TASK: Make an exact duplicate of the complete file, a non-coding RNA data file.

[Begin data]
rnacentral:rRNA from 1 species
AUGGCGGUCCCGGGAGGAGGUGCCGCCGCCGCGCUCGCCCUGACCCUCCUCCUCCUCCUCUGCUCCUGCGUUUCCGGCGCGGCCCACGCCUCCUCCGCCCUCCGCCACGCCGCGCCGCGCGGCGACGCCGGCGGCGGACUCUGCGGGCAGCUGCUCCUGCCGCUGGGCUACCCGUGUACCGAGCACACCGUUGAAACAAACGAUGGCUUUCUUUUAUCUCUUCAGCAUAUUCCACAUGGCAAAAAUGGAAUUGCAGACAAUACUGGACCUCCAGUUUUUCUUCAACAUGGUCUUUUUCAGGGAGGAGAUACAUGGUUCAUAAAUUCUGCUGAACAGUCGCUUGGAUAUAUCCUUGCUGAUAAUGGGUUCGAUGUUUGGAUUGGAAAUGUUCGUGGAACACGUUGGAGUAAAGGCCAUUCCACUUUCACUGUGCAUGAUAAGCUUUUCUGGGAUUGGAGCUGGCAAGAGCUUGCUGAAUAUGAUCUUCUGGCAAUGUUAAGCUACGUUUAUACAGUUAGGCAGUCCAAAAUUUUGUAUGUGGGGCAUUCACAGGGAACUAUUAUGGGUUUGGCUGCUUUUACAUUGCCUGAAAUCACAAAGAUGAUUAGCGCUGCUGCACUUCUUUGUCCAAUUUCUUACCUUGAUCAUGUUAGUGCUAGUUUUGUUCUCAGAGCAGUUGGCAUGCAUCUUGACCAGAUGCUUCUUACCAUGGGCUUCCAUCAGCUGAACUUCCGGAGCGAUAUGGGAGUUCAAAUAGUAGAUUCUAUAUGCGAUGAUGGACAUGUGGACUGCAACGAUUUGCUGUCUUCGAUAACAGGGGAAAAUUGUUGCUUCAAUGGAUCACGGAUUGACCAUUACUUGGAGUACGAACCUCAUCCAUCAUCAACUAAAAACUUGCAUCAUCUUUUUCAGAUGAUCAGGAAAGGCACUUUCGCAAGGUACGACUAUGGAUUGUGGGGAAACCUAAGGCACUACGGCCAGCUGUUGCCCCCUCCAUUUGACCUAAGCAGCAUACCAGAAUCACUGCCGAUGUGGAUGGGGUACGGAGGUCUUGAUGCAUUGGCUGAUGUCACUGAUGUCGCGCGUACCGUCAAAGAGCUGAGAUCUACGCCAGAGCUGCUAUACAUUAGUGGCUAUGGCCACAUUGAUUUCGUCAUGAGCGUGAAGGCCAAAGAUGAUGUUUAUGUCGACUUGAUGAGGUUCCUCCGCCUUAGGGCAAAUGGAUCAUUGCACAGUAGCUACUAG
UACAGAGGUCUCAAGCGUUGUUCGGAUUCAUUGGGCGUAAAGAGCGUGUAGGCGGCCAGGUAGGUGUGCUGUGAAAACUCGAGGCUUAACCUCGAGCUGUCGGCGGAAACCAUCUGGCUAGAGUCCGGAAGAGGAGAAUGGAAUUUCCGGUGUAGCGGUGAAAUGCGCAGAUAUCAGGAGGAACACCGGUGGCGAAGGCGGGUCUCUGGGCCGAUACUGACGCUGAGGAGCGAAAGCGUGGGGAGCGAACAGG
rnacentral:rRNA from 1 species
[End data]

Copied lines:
rnacentral:rRNA from 1 species
AUGGCGGUCCCGGGAGGAGGUGCCGCCGCCGCGCUCGCCCUGACCCUCCUCCUCCUCCUCUGCUCCUGCGUUUCCGGCGCGGCCCACGCCUCCUCCGCCCUCCGCCACGCCGCGCCGCGCGGCGACGCCGGCGGCGGACUCUGCGGGCAGCUGCUCCUGCCGCUGGGCUACCCGUGUACCGAGCACACCGUUGAAACAAACGAUGGCUUUCUUUUAUCUCUUCAGCAUAUUCCACAUGGCAAAAAUGGAAUUGCAGACAAUACUGGACCUCCAGUUUUUCUUCAACAUGGUCUUUUUCAGGGAGGAGAUACAUGGUUCAUAAAUUCUGCUGAACAGUCGCUUGGAUAUAUCCUUGCUGAUAAUGGGUUCGAUGUUUGGAUUGGAAAUGUUCGUGGAACACGUUGGAGUAAAGGCCAUUCCACUUUCACUGUGCAUGAUAAGCUUUUCUGGGAUUGGAGCUGGCAAGAGCUUGCUGAAUAUGAUCUUCUGGCAAUGUUAAGCUACGUUUAUACAGUUAGGCAGUCCAAAAUUUUGUAUGUGGGGCAUUCACAGGGAACUAUUAUGGGUUUGGCUGCUUUUACAUUGCCUGAAAUCACAAAGAUGAUUAGCGCUGCUGCACUUCUUUGUCCAAUUUCUUACCUUGAUCAUGUUAGUGCUAGUUUUGUUCUCAGAGCAGUUGGCAUGCAUCUUGACCAGAUGCUUCUUACCAUGGGCUUCCAUCAGCUGAACUUCCGGAGCGAUAUGGGAGUUCAAAUAGUAGAUUCUAUAUGCGAUGAUGGACAUGUGGACUGCAACGAUUUGCUGUCUUCGAUAACAGGGGAAAAUUGUUGCUUCAAUGGAUCACGGAUUGACCAUUACUUGGAGUACGAACCUCAUCCAUCAUCAACUAAAAACUUGCAUCAUCUUUUUCAGAUGAUCAGGAAAGGCACUUUCGCAAGGUACGACUAUGGAUUGUGGGGAAACCUAAGGCACUACGGCCAGCUGUUGCCCCCUCCAUUUGACCUAAGCAGCAUACCAGAAUCACUGCCGAUGUGGAUGGGGUACGGAGGUCUUGAUGCAUUGGCUGAUGUCACUGAUGUCGCGCGUACCGUCAAAGAGCUGAGAUCUACGCCAGAGCUGCUAUACAUUAGUGGCUAUGGCCACAUUGAUUUCGUCAUGAGCGUGAAGGCCAAAGAUGAUGUUUAUGUCGACUUGAUGAGGUUCCUCCGCCUUAGGGCAAAUGGAUCAUUGCACAGUAGCUACUAG
UACAGAGGUCUCAAGCGUUGUUCGGAUUCAUUGGGCGUAAAGAGCGUGUAGGCGGCCAGGUAGGUGUGCUGUGAAAACUCGAGGCUUAACCUCGAGCUGUCGGCGGAAACCAUCUGGCUAGAGUCCGGAAGAGGAGAAUGGAAUUUCCGGUGUAGCGGUGAAAUGCGCAGAUAUCAGGAGGAACACCGGUGGCGAAGGCGGGUCUCUGGGCCGAUACUGACGCUGAGGAGCGAAAGCGUGGGGAGCGAACAGG
rnacentral:rRNA from 1 species